​What you see here is the same hose/filter assembly, just reversed and attached to the provided filter housing.  You will have to switch around some fittings but all you need, is provided for, with some extras.  I basically use the included housing for the tampon and the second one for 13x 4×8 molecular sieve desiccant, on top of a 3/4″ long piece of tampon filter.  Desiccant was about 25 bucks + shipping, for a pound, which I change out every other tank top off, while changing the tampon every fill (nothing like good feminine hygiene).  I calculated the filtration cost, with this methodology and it’s somewhere around 15-18 cents a top off.  My biggest challenge was finding this desiccant in a small quantity.  I don’t have that contact info with me but if anyone is interested, I will post it later.  OK, what have I missed…
    ​1)  You will need to open an account to purchase through Ali Express, which is counter intuitive at best.  I was able to muddle through it so all you Millennials should breeze right through it  (I do expect you to help us older farts out, though.)
    ​2)  I like filling to my tank and then tank to gun, as this inherently facilitates dryer air ending up at the gun.  I pulled my valve off my tank and swabbed the interior…dry as a bone so maybe overkill.  (had to get my first hydro test)
    ​3)  I have calculated, with drive time/fuel, top offs to 3500 to 4000 psi (at best) and $10 a pop for fill fee, that this little jewel will pay for itself in around 10 fills.  Of course, I may need to figure in the cost of shooting a shit load more, with compressed air being so close at hand.
    ​4)  This may stir in the shit pile a little bit but I highly advise opening both bleeders before switching the compressor on.  Eventually, someone’s going to start it under load and that can’t be good…a little like starting your old Dodge Dart in gear.  I close them after start and then when the tank or compressor gauge approaches your current tank pressure, open the tank valve to equalize.  Just a precaution in avoidance of the fore mentioned WWAGOT.   (Don’t you love acronyms?  You’ll figure it out.)
    ​4)  Please, still have your tank routinely hydro-tested even though you can dodge the certification…no substitute for safety unless you’re really looking forward to shaking God’s hand, or in my case, the other guy’s.  Hope you fellers find this somewhat informative, in reciprocation of all the good input I’ve been privy to, via this forum.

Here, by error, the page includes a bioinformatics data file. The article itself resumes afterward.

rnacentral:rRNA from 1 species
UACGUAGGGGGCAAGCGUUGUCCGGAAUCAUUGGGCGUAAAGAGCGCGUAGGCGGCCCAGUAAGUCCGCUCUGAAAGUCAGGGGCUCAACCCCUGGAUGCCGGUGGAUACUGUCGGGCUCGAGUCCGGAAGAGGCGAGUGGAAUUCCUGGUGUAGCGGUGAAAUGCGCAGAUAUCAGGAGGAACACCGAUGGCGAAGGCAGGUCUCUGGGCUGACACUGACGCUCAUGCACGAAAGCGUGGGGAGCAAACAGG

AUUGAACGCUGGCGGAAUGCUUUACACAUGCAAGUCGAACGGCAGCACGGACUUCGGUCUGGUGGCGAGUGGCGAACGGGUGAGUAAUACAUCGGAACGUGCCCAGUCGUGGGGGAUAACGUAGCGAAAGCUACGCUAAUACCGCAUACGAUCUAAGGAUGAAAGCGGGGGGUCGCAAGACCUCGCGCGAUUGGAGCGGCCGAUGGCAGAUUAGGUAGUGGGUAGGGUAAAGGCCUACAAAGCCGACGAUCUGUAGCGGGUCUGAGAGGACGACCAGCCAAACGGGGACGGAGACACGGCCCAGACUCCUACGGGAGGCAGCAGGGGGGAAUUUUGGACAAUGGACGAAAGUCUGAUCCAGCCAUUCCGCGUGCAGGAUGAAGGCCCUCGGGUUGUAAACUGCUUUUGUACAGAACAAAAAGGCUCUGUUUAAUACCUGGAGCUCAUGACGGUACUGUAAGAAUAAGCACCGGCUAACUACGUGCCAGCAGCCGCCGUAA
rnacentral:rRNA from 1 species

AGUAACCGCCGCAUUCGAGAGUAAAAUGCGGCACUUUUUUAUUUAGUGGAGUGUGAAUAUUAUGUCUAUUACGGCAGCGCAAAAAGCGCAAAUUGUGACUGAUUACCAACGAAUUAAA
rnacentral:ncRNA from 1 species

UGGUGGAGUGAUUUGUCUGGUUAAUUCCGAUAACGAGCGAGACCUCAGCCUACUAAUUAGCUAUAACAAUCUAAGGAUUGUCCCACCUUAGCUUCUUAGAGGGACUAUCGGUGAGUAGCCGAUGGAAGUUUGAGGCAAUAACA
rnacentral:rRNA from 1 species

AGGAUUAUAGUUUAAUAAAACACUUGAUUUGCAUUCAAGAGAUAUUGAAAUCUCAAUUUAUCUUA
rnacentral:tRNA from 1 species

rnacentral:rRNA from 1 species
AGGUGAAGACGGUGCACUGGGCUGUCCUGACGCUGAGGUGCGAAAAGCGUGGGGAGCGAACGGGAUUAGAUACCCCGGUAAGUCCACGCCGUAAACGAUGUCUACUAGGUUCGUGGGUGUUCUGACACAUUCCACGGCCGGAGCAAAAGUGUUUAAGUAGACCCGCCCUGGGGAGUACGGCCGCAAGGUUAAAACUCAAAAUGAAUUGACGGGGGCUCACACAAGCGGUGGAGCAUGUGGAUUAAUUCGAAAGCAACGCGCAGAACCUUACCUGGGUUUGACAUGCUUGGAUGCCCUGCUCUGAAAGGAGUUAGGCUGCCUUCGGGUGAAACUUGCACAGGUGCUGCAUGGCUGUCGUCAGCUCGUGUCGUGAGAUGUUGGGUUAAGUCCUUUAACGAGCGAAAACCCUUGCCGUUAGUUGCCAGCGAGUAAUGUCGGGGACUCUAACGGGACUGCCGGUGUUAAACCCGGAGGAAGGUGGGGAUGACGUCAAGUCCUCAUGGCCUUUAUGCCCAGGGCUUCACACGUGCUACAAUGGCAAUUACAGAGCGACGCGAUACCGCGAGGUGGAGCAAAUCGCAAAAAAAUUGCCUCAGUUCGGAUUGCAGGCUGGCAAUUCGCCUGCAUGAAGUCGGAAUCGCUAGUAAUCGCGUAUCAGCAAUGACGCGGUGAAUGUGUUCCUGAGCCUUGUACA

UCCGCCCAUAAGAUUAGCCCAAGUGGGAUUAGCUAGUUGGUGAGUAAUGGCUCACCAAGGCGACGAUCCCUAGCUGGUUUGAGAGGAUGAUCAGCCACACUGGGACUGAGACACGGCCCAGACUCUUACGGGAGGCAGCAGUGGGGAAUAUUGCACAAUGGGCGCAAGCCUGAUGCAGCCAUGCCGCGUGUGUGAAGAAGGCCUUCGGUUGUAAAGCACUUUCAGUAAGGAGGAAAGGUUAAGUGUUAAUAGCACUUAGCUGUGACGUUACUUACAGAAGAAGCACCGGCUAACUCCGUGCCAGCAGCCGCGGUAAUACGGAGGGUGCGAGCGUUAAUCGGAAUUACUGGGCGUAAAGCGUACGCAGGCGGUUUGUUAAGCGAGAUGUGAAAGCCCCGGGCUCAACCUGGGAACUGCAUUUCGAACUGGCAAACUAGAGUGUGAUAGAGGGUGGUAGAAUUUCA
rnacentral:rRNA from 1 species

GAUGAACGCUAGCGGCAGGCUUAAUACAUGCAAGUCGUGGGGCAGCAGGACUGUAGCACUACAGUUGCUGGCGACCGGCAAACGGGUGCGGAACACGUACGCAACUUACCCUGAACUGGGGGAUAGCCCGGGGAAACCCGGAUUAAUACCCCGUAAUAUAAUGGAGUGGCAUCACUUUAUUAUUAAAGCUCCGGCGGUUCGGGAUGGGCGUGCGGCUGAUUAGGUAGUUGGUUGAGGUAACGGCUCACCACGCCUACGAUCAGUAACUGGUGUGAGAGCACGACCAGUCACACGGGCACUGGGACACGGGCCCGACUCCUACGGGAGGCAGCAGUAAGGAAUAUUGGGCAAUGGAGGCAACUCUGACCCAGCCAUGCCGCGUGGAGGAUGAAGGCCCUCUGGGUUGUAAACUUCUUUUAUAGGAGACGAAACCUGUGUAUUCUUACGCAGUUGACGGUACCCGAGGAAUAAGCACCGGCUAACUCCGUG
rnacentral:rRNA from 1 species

​Best holiday wishes to all, Steve


    Good read. Do get a smell of oil when you vent the compressor? I get a bit of a smell from mine when bleeding it.


    I just received my Yong Heng Compressor from ebay for $282 shipped from a warehouse in California. Best price I could find before the holidays.
    Mine is the 110V version and came well packaged and fast via FedEx. No visible damage to inside or outside the box.

    Some initial impressions:
    1. Instruction manual states to install hose at the air outlet and “Note: gasket is needed, or air leakage might exist.”
    I tried this with a supplied O-ring and all that happened is it caused the pressure to rise very rapidly (NOT OK) up to above 3K PSI and climbing, which had me quickly open the bleed valve in a panic and troubleshoot the problem.
    I realized that the O-ring was blocking the air outlet and was not needed to create a good seal between the threaded hose adapter and the delrin seal inside the air outlet.
    Solution: Just use the supplied delrin seal and tighten up the connection with a wrench to prevent leaks. Mine has not had any leaks. You could use some plumbers thread tape if needed.

    2. Make sure your AC outlet can handle the load of the unit. For some reason, plugging the unit in my GFCI outlet would cause the unit to hesitate to start, requiring to restart the unit a few seconds later. This issue stopped when I plugged it into a regular outlet along the same wall in the same room – don’t know if the GFCI outlet may be the issue but just FYI. My compressor will work fine attached to a small extension cord with no hesitation on startup.

    3. The supplied female foster end may not attach to some rifles directly – Example: I have a Daystate Huntsman Regal XL with the male foster fitting just under the barrel, and the supplied hose with the wide filter end won’t fit under the barrel. You may need to purchase an extension hose in that situation.

    4. I plug my guns up directly to the compressor since I don’t own any CF tanks. I was able to fill my Brocock Compatto rifle from zero to 200 bar/3K PSI in roughly 1 minute of run-time. Most guns I own fill up under 1 minute when just topping off, which is such a nice change from manual pumping.

    5. I purchased and am using O’reilly Auto Parts AW46 Hydraulic Oil with no issues. Bought a gallon for $14. No overheating.

    6. Make sure your water pump flow lever is set to (+) side to allow for maximal water flow.

    7. Avoid the water lines from coming into contact with the exposed external air lines which heat up and can potentially cause damage to the water hoses. I just used a twist tie to keep both hoses together and away from the exposed metal air lines.

    My setup: